Cube Report (28 Oct 2020) – What on earth is going on?
I’m back from wedding and honeymoon. Everything is now unpacked, the house is in order, and I can knuckle down again.
But while I’ve been away, the world has gone into some sort of new meltdown.
In Ireland, there’s a Level 5 lockdown (the worst kind), planned for six weeks. It can be summarised as “most things are banned”.
London is in “Tier 2”, meaning that different households aren’t supposed to meet indoors, and the rest of the UK is subject to varying degrees of lockdown.
Oh, and there’s also a UK equity market collapse. As I type, the FTSE is down by 2% and is threatening 5600. Remarkable!
AIM is doing much better, and hasn’t yet given back much of its post-Covid gains.
I’ve been trying to make sense of events on my Twitter, and have picked up thousands of new followers who are interested in my lockdown scepticism.
I’ve also been trying to keep an eye on my portfolio – it has suffered a little in terms of valuation, but all the companies are still intact and working hard to get through this situation.
My trading account now consists of two leveraged long positions on the FTSE (using put options). Don’t worry – my leverage is limited, and I can withstand this current drawdown. I also remain short Tesla ($TSLA). I guess it’s crazy to believe that the Tesla share price will come back to something realistic any time soon, but I just can’t resist holding on to that position.
In today’s report, I’m going to take a quick look at Next (NXT), in which I have a long position.
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|Market cap||£8.3 billion|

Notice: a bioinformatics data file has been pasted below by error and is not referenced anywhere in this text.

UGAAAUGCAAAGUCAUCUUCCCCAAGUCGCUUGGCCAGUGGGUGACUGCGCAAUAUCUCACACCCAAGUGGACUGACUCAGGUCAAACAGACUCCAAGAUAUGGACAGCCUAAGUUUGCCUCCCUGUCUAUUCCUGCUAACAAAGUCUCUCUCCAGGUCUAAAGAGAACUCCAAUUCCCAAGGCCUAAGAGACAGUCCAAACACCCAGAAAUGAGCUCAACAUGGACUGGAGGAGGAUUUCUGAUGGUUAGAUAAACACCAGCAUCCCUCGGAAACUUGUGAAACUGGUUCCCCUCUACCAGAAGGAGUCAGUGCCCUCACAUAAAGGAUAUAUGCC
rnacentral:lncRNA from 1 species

|Writer disclosure||Long NXT|
I’ve been involved here since March 2017, buying in at £42.
The investment thesis has been based on the idea that Next could shut its physical stores, if it needed to. That idea is being fully tested now, much harder than I ever imagined!
Q3 has been pleasing:
As usual, the Online sales channel replaces the lost Retail sales.
And it’s little surprise that formal wear/occasion wear are down, as families instead focus on Home and Childrenswear.
The economic weakness can be seen in the reduction in interest income – consumers retrenching and paying down their debts, I guess? Although Next says that its credit sales did pick up in Q3, and were up 1% compared to last year. But customers had already slashed their outstanding balances during the harsh lockdown months of March, April and May.
Customers are still paying off debts faster than they did before, and so Next expects that outstanding credit balances, and therefore interest income, will remain subdued in Q4.
Obviously, the year-to-date sales figure is pretty poor, but we all understand why.
The important thing is that Next has steadied the ship, at least for now.
And despite everything that has happened, it’s still planning to earn a full-year profit this year: £365 million, a whole £65 million higher than the figure given in September as the “central scenario”.
More and more, this should be considered primarily as an online business:
With typical transparency, Next lays out the outlook for Q4. It sees a huge 20% variation in possible Q4 sales, and acknowledges “a very high degree of uncertainty in our estimates”, which depend to a very great extent on the Covid-19 situation.
In its central scenario, which involves “further local lockdowns” and some customers avoiding busy shops ahead of Christmas, Next thinks full-price sales might fall by 8%. Much also depends on warehouse operations, and whether the business is allowed to operate at full capacity.
I’m pretty comfortable with the financial outlook in all foreseen circumstances:
I don’t see any reason not to stay involved here. It continues to be run with tremendous honesty and transparency. Expectations are never allowed to run out of control, but are kept at modest levels which Next can often surpass.
Valuation is tricky, since 2020 has been such an unusual year. And who knows what 2021 might bring? But I still see Next as a winner in the retail space, capable of taking business off more short-lived rivals. This business earned after-tax net income of £600 million+ from 2015 to 2019, and I am happy to wait a few years for it to get back to those levels.
That will do it for today. See you tomorrow!